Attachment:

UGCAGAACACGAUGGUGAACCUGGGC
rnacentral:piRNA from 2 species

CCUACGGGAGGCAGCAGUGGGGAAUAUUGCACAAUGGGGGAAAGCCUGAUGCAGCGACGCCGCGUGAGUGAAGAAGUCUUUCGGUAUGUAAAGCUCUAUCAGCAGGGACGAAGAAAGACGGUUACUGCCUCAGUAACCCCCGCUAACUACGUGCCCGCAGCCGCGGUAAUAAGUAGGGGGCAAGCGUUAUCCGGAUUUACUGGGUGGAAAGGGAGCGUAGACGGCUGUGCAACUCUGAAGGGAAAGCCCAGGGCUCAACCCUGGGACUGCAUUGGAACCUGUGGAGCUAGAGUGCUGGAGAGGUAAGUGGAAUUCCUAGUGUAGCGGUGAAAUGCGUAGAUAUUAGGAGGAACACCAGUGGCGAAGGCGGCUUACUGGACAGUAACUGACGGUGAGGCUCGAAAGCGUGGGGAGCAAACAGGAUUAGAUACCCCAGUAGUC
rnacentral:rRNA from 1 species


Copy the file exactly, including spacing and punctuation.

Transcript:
UGCAGAACACGAUGGUGAACCUGGGC
rnacentral:piRNA from 2 species

CCUACGGGAGGCAGCAGUGGGGAAUAUUGCACAAUGGGGGAAAGCCUGAUGCAGCGACGCCGCGUGAGUGAAGAAGUCUUUCGGUAUGUAAAGCUCUAUCAGCAGGGACGAAGAAAGACGGUUACUGCCUCAGUAACCCCCGCUAACUACGUGCCCGCAGCCGCGGUAAUAAGUAGGGGGCAAGCGUUAUCCGGAUUUACUGGGUGGAAAGGGAGCGUAGACGGCUGUGCAACUCUGAAGGGAAAGCCCAGGGCUCAACCCUGGGACUGCAUUGGAACCUGUGGAGCUAGAGUGCUGGAGAGGUAAGUGGAAUUCCUAGUGUAGCGGUGAAAUGCGUAGAUAUUAGGAGGAACACCAGUGGCGAAGGCGGCUUACUGGACAGUAACUGACGGUGAGGCUCGAAAGCGUGGGGAGCAAACAGGAUUAGAUACCCCAGUAGUC
rnacentral:rRNA from 1 species